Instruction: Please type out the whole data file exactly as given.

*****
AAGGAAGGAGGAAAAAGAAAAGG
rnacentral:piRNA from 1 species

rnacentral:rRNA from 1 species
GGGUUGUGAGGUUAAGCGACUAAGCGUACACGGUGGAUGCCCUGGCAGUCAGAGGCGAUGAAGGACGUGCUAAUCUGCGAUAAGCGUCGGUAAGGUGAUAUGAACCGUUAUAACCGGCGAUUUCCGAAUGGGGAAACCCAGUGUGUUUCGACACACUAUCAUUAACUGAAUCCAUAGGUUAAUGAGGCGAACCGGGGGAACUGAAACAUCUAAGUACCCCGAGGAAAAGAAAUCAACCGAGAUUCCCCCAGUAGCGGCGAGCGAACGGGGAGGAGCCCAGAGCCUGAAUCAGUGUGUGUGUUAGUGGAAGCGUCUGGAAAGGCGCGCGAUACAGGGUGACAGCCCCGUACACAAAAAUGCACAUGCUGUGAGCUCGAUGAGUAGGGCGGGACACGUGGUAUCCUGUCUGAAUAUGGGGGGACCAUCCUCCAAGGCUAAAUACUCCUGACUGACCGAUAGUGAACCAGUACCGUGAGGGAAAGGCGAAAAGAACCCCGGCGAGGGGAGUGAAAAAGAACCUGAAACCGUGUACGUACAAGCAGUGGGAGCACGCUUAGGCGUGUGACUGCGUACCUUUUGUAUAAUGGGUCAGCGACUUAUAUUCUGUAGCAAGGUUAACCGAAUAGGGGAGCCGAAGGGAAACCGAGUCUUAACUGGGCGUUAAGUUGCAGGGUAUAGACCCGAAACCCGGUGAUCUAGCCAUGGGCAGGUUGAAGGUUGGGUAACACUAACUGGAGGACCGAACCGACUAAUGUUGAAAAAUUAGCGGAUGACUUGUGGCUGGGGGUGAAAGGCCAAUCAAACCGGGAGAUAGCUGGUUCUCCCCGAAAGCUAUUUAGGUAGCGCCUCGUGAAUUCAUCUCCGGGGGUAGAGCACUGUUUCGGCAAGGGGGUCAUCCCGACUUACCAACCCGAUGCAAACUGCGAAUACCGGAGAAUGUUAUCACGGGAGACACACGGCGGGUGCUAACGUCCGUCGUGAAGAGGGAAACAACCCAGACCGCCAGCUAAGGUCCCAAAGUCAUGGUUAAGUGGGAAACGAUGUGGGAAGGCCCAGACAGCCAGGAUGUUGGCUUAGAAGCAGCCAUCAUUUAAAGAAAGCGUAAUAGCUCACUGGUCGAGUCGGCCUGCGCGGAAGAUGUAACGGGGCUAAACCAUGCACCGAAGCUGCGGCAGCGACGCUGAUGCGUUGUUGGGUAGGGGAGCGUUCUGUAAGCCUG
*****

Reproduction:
AAGGAAGGAGGAAAAAGAAAAGG
rnacentral:piRNA from 1 species

rnacentral:rRNA from 1 species
GGGUUGUGAGGUUAAGCGACUAAGCGUACACGGUGGAUGCCCUGGCAGUCAGAGGCGAUGAAGGACGUGCUAAUCUGCGAUAAGCGUCGGUAAGGUGAUAUGAACCGUUAUAACCGGCGAUUUCCGAAUGGGGAAACCCAGUGUGUUUCGACACACUAUCAUUAACUGAAUCCAUAGGUUAAUGAGGCGAACCGGGGGAACUGAAACAUCUAAGUACCCCGAGGAAAAGAAAUCAACCGAGAUUCCCCCAGUAGCGGCGAGCGAACGGGGAGGAGCCCAGAGCCUGAAUCAGUGUGUGUGUUAGUGGAAGCGUCUGGAAAGGCGCGCGAUACAGGGUGACAGCCCCGUACACAAAAAUGCACAUGCUGUGAGCUCGAUGAGUAGGGCGGGACACGUGGUAUCCUGUCUGAAUAUGGGGGGACCAUCCUCCAAGGCUAAAUACUCCUGACUGACCGAUAGUGAACCAGUACCGUGAGGGAAAGGCGAAAAGAACCCCGGCGAGGGGAGUGAAAAAGAACCUGAAACCGUGUACGUACAAGCAGUGGGAGCACGCUUAGGCGUGUGACUGCGUACCUUUUGUAUAAUGGGUCAGCGACUUAUAUUCUGUAGCAAGGUUAACCGAAUAGGGGAGCCGAAGGGAAACCGAGUCUUAACUGGGCGUUAAGUUGCAGGGUAUAGACCCGAAACCCGGUGAUCUAGCCAUGGGCAGGUUGAAGGUUGGGUAACACUAACUGGAGGACCGAACCGACUAAUGUUGAAAAAUUAGCGGAUGACUUGUGGCUGGGGGUGAAAGGCCAAUCAAACCGGGAGAUAGCUGGUUCUCCCCGAAAGCUAUUUAGGUAGCGCCUCGUGAAUUCAUCUCCGGGGGUAGAGCACUGUUUCGGCAAGGGGGUCAUCCCGACUUACCAACCCGAUGCAAACUGCGAAUACCGGAGAAUGUUAUCACGGGAGACACACGGCGGGUGCUAACGUCCGUCGUGAAGAGGGAAACAACCCAGACCGCCAGCUAAGGUCCCAAAGUCAUGGUUAAGUGGGAAACGAUGUGGGAAGGCCCAGACAGCCAGGAUGUUGGCUUAGAAGCAGCCAUCAUUUAAAGAAAGCGUAAUAGCUCACUGGUCGAGUCGGCCUGCGCGGAAGAUGUAACGGGGCUAAACCAUGCACCGAAGCUGCGGCAGCGACGCUGAUGCGUUGUUGGGUAGGGGAGCGUUCUGUAAGCCUG